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Return to Oz: Taking Down the Big Good

There's a high-level, all-powerful favorite NPC in every campaign and in Oz, that's Ozma. What's an evil PC to do?

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Picture by Александр Коротич - Own work, CC BY-SA 4.0, File:Иллюстрация к сказочному сериалу Л.Ф.Баума "Страна Оз" 26.jpg - Wikimedia Commons

It's Not Just Ozma​

Ozma, Oz's fair and fairy girl ruler, explains her powers to Dorothy:
"Yes, dear, because I can use my fairy powers to make others happy. Had I no kingdom to rule, and no subjects to look after, I would be miserable. Also, you must realize that while I am a more powerful fairy than any other inhabitant of Oz, I am not as powerful as Glinda the Sorceress, who has studied many arts of magic that I know nothing of. Even the little Wizard of Oz can do some things I am unable to accomplish, while I can accomplish things unknown to the Wizard. This is to explain that I am not all-powerful, by any means. My magic is simply fairy magic, and not sorcery or wizardry."
Ozma has access to several magical resources, including the Magic Belt which gives her the ability to cast wish. All the magical items at her disposal are stored in an emerald-studded safe, embedded in "metal more valuable than platinum." But Ozma's real power is friendship. She has powerful friends in high places that will also have to be dealt with. Let's look at them in turn.

The Wizard of Oz​

The Wizard of Oz's reputation undergoes some serious revisions throughout the books, transforming from a huckster out for himself who willingly gives up baby Ozma to a witch, to a trusted member of Ozma's court. Glinda teaches him to become a full-fledged wizard, which isn't very far from D&D wizards in how he uses magical components (he has a black bag specifically for this purpose) that requires complicated rituals to complete. Compared to Glinda though, the Wizard is small potatoes:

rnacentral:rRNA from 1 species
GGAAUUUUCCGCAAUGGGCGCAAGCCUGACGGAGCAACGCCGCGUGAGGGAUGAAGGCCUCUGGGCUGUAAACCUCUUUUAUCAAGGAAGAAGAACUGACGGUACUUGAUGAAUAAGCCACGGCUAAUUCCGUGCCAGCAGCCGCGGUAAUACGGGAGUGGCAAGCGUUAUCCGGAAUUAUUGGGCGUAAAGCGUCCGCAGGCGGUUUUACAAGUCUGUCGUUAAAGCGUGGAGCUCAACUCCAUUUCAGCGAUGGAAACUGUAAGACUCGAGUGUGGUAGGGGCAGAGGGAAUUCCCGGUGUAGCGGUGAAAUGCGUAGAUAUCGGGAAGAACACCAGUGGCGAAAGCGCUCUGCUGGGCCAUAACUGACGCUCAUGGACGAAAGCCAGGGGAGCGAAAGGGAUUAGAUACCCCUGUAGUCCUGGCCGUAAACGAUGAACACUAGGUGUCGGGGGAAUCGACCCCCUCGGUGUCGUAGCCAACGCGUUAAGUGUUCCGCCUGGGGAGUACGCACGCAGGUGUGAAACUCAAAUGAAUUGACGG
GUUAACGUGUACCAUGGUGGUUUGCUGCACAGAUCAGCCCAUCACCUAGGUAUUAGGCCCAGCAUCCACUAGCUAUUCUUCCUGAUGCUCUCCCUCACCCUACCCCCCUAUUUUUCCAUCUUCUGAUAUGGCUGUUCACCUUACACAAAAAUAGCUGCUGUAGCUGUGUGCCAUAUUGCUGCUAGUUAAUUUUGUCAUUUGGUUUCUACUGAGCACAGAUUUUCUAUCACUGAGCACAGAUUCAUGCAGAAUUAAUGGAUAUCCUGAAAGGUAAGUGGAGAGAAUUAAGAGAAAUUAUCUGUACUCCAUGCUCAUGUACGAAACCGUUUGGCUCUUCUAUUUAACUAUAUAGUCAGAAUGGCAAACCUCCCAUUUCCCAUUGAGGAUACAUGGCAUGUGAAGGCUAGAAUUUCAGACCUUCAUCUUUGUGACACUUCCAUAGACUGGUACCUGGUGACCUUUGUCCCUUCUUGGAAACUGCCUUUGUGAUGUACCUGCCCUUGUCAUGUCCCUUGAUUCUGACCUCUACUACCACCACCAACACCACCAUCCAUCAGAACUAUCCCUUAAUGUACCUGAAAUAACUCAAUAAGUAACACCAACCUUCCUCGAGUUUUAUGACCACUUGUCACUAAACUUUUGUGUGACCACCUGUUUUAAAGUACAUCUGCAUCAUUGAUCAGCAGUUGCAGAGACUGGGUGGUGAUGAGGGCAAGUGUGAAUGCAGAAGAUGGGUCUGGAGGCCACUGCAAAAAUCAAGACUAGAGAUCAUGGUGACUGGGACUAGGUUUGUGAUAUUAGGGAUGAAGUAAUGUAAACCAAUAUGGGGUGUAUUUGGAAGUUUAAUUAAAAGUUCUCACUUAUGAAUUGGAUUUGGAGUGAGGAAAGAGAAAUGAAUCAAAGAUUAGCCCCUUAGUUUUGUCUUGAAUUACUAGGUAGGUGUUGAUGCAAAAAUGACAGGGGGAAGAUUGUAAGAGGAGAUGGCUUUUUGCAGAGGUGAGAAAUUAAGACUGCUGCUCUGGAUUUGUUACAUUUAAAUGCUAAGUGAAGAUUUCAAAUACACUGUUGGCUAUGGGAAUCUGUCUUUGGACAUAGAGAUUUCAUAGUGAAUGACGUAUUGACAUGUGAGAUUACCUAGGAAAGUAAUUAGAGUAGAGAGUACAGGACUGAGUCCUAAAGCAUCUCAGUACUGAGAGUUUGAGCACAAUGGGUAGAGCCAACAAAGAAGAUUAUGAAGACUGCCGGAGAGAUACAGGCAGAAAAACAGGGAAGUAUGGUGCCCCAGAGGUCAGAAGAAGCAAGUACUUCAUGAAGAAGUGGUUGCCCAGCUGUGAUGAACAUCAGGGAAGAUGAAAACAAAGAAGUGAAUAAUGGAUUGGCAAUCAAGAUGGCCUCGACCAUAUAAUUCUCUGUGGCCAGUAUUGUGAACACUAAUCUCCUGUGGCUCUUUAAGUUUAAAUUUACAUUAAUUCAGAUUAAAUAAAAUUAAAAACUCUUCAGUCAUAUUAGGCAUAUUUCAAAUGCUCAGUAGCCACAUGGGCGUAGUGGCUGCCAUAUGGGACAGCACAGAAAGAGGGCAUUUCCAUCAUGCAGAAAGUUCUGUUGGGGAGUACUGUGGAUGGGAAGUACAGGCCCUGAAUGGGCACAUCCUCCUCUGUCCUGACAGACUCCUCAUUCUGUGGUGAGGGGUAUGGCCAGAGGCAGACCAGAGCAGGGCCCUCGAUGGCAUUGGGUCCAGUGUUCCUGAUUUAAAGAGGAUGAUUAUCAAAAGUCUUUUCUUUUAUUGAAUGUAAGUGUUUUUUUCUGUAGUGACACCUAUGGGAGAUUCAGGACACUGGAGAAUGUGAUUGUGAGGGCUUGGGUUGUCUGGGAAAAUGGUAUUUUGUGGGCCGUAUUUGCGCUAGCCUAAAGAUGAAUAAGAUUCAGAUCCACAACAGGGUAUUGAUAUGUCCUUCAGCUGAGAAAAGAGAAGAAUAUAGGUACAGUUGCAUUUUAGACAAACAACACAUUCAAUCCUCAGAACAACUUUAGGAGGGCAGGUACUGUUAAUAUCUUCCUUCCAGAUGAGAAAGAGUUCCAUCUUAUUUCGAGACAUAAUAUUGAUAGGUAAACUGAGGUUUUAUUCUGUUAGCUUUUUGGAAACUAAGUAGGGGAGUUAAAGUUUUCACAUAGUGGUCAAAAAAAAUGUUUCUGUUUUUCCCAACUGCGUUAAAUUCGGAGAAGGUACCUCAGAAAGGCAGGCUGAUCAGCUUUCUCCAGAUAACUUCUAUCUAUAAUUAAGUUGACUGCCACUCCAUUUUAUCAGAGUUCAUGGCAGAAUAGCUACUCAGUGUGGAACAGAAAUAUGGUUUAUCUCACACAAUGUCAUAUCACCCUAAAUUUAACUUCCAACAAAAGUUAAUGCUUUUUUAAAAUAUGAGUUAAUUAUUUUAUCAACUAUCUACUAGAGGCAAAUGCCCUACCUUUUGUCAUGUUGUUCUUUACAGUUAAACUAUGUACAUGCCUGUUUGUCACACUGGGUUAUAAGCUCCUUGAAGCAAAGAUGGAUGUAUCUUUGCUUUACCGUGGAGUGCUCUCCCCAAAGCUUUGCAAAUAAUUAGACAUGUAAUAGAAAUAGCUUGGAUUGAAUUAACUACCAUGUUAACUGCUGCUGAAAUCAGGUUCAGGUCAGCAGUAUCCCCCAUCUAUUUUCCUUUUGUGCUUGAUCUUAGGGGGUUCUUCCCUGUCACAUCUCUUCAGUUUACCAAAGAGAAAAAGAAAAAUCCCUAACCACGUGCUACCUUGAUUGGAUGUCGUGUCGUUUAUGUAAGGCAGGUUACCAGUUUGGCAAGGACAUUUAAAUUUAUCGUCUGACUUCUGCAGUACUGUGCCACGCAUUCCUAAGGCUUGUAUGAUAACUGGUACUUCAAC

Dorothy says the reason the Wizard is not as powerful as Glinda is because Glinda didn't teach him all she knows, but what the Wizard knows he knows very well and so he performs some very remarkable magic.

Glinda the Good​

Sometimes known as the Good Witch, Glinda is the most powerful of all the witches. She exercises that power with restraint, but when roused she is a force to be reckoned with. Glinda can control the weather, create magical beings, grow trees from seeds, undo spells, animate objects, and control beasts. She also has several magic items, not the least being the Great Book of Records, which records everything as it's happening in Oz and elsewhere (the Oz text appears highlighted in red).

Any one of these characters is formidable in their own right; all three together makes them nigh unstoppable. And yet they have been stopped.
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Steal Their Magic Items​

The first problem for any magical assault on Oz is the significant cache of magic items at Ozma’s disposal. In addition to the Magic Belt, the Magic Picture, and the Royal Book of Records, the VoVatia blog tallies her magical resources:
Throughout the L. Frank Baum books, she and her loyal followers also gain access to a book that records everything that happens in the world, water that wipes memories, a magnet that makes everyone love the bearer, and a magic word that can easily work transformations. Ruth Plumly Thompson adds a fan that can blow away invaders, a box that answers questions, a stone that removes speech for five years, a bag that can grab enemies, pills that grant wishes, necklaces that can also grant wishes, a stick that can freeze enemies in place, and a hammer that can summon a powerful elf.